Farming Snails

Photo credit - slack12/

Photo credit – slack12/

You wouldn’t normally think of snails as farmers. If anything they’d be more like cows, grazing through the day. Cows aren’t that smart. When they’re relaxing, chewing their cud, they’re probably not planning how to grow their next crop of grass. So what of snails, then?

Snails aren’t very brainy, even compared to cows. There’s the question of whether they can even be said to have a brain. They have a nervous system which has a clump of neurons at the head end, which might be a brain. Or it might just be an aggregation of nerve cells, a mere ganglion. We have similar clusters in our nervous system. One example is the solar plexus, located in the abdomen just below the diaphragm. It does a lot of very important work but you wouldn’t call it a brain.



How can snails be farmers? Surely they’re so simple they could never do anything that implies planning and foresight. The answer doesn’t deal with what the snails are thinking, only what they’re doing. The marsh periwinkle, one species of farming mollusk, grows a special fungus for its own consumption. The field it tills is a marsh grass called Spartina, which the snail grazes on twice. The first time it cuts a groove in the flesh of the grass and plants the spores of the fungus with its fecal pellets. The second pass is when the snail eats the fungus which has grown vigorously in the exposed flesh of the grass. The snail plants the fungus whether it means to or not. Vital nutrients are provided by the fecal pellets. The fungus grows and the snail reaps abundant, nutritious food. Even if it’s accidental it’s still farming.

Photo credit - hankplank/

Photo credit – hankplank/

While some animals are surprisingly like humans in their agricultural practises, there are others that still outdo us in technology. Human scientists practising biomimetics, where they try to imitate how nature is doing something, are just now equalling the stickiness of gecko feet, for instance. The same is true for fiber optic cables, which are presently made at high temperatures and have the problem of being brittle. In nature a so-called glass sponge makes fibers at normal temperatures which transmit light just as well but are tougher and more flexible.

Sponges and snails. Good company to be in.


About arjaybe

Jim has fought forest fires and controlled traffic in the air and on the sea. Now he writes stories.
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10 Responses to Farming Snails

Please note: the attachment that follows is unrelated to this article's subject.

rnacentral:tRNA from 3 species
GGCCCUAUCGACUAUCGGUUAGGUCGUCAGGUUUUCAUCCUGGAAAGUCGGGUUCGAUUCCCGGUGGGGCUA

1. Laird Smith says:

    It sounds like farming is the oldest profession in the world which usurps the claim of prostitution.

  2. arjaybe says:

    LOL. Thanks for the comment.


  3. emmylgant says:

    For about a week, when we had so much rain, I stepped on snails by accident. I started watching my steps and moved the snails off the walk way and next to my chair (outdoors, duh). Have they learned? I don’t know, but they skirt my path, therefore they are a non-issue now;-)
    Great post! I’d like to have one of those sponges on my bedside table… better than a lava lamp and waayyy cool.( Before you ask, no I don’t have a lava lamp. I don’t know why I brought it up.)
    I think it’s a purple ribbon moment. ;-/

    • arjaybe says:

      When glass sponges die they leave behind the glass, so you should be able to find one somewhere. And what’s wrong with lava lamps? I can stare at them for hours.-)


  4. emmylgant says:

    Well, that’s the problem, stare at the sicko green (or whatever) blob change shape for hours instead of … I don’t know, slay dragons or shop for a magic carpet on ebay. 😉

  5. emmylgant says:

    Yup. Although if the lava lamp gets you into a meditative state or dreamland, then pfftt! it’s better than slaying dragons. At least there is no sweating or swearing involved, right?

  6. arjaybe says:

    Here’s an update on sea sponges, and how they do it. It has to do with using concentric tubes in their construction process. That’s tubes within tubes, kind of like Matroska dolls.


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